Recently I’ve become increasingly convinced that many solo business owners like you should stop blogging. Despite the plethora of (dated) advice that a blog is a marketing necessity, you’re telling me it simply isn’t working for you on an emotional or measurable level.
Why you should consider stopping blogging
Maybe you’ve never had blogging success. Maybe you tried it for a while, but it now feels wearisome. Some of you say you feel obliged to blog, even though you find no pleasure in it, and analytics show it’s not helping to grow your website traffic.
There are still some SEO arguments in favor of blogging, but my philosophy is, if it’s neither effective nor enjoyable, life is simply too short for promotional activities that suck your time and drag down your energy. Blogging regularly can feel like a grind, even for those of us who love to write. And a neglected blog on your website looks a hundred times worse than no blog at all.
So let’s say you’re tempted to step back from blogging, or to stop altogether. You still need to get your website in front of new eyes, and you still need to engage those new visitors.
Here are 8 suggestions for what to do instead of blogging:
1) Write guest articles for relevant websites
Find sites which have an audience who would welcome your content, and who would enjoy getting to know you. Get to know their style, topics and preferences for submissions, then send a thoughtful pitch. Be prepared to follow up gently if you haven’t heard back within about 2 weeks. It’s perfectly possibly you’ll get paid for this kind of writing, and Make a Living Writing has excellent resources on what to do and what to expect.
2) Write for Medium
Medium gained huge traction in 2019. The appeal of both being discovered by new readers and earning a bit of money for your articles isn’t hard to understand. However, as with many marketing efforts, you need to be consistent, and don’t expect cash to rain down on you immediately from your efforts. This podcast episode gives an excellent, balanced overview of what you should know about writing for Medium.
3) Post articles on LinkedIn
I’m no expert on LinkedIn and my own account lies pretty dormant these days. However, the platform offers the ability to write both short posts and longer articles, so there’s scope here for both quick thoughts and in-depth pieces. Well worth a look if you’re seeking to establish authority or make professional connections: here’s a great guide.
4) Be a source for the media through HARO
Depending on your niche, it could be worth signing up for a free account with Help A Reporter Out. You’ll get email notifications when journalists want sources for a story, and if you’re quick, relevant and thoughtful, you can get mentions in national publications through this method. Know that you might spend a lot of time sifting through requests, and days (or weeks) may go by until an ideal opportunity appears.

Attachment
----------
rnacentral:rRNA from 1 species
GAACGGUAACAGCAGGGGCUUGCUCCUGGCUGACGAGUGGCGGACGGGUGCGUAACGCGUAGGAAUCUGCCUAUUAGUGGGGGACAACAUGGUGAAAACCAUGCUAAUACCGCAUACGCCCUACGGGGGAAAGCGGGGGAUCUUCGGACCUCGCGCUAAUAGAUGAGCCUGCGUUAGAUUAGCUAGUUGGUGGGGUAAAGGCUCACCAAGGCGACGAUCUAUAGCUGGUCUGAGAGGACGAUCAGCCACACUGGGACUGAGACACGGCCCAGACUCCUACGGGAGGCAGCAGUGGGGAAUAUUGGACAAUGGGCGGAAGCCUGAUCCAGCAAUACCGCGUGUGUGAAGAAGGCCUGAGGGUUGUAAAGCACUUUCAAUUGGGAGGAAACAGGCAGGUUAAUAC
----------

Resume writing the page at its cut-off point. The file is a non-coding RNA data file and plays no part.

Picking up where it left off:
5) Pitch yourself as a guest on podcasts
While written guest articles usually need to be original content, when you’re interviewed on podcasts you can be a little more repetitive in what you say. Once you get comfortable making your main points succinctly, you’ll probably find the interview takes less time than drafting and polishing an article. And you’re likely to make a more meaningful connection with the host, too. As with pitching articles, don’t spam every podcast you can find: research them a little and make a thoughtful, personalized pitch.
6) Get out and speak
If you find you enjoy talking about your subject, then it’s time to get out and speak in front of groups. Public speaking may not be everyone’s cup of tea, but it’s a skill you can practice. You’ll have more authority, and more of your audience’s attention, when you step onto the floor as their invited guest speaker. Start with small, local groups as you build your confidence and narrative ability.
7) Make a short book
Maybe you have old blog content that’s languishing, or you have fresh ideas that feel too good to be lost on your low-traffic website. Gather together your best pieces in a logical order, fill in the structural gaps, and publish this collection as an ebook. If you’re not previously published, you’ll gain valuable credibility as an author on your chosen topic. How to Blog a Book is (not surprisingly) a comprehensive resource here.
8) Make a lead magnet
Worried you don’t have enough suitable content for a book? Just 3-5 high quality blog posts can contain ample material to make an enticing lead magnet for your audience. Compile and format these nuggets appropriately, and you have a valuable resource to offer in exchange for an email address. Instead of sharing individual blog posts on social media, you can now promote your lead magnet. Put your blog-ish ideas to work and grow your email list. That way, you’re not reliant on casual website visits to reach your ideal audience.
Clearly, I’m still blogging(!) but this year I’m paying special attention to options 1, 5, and 6 too. I’d love to hear how you’re supplementing, or replacing, your blogging activities.
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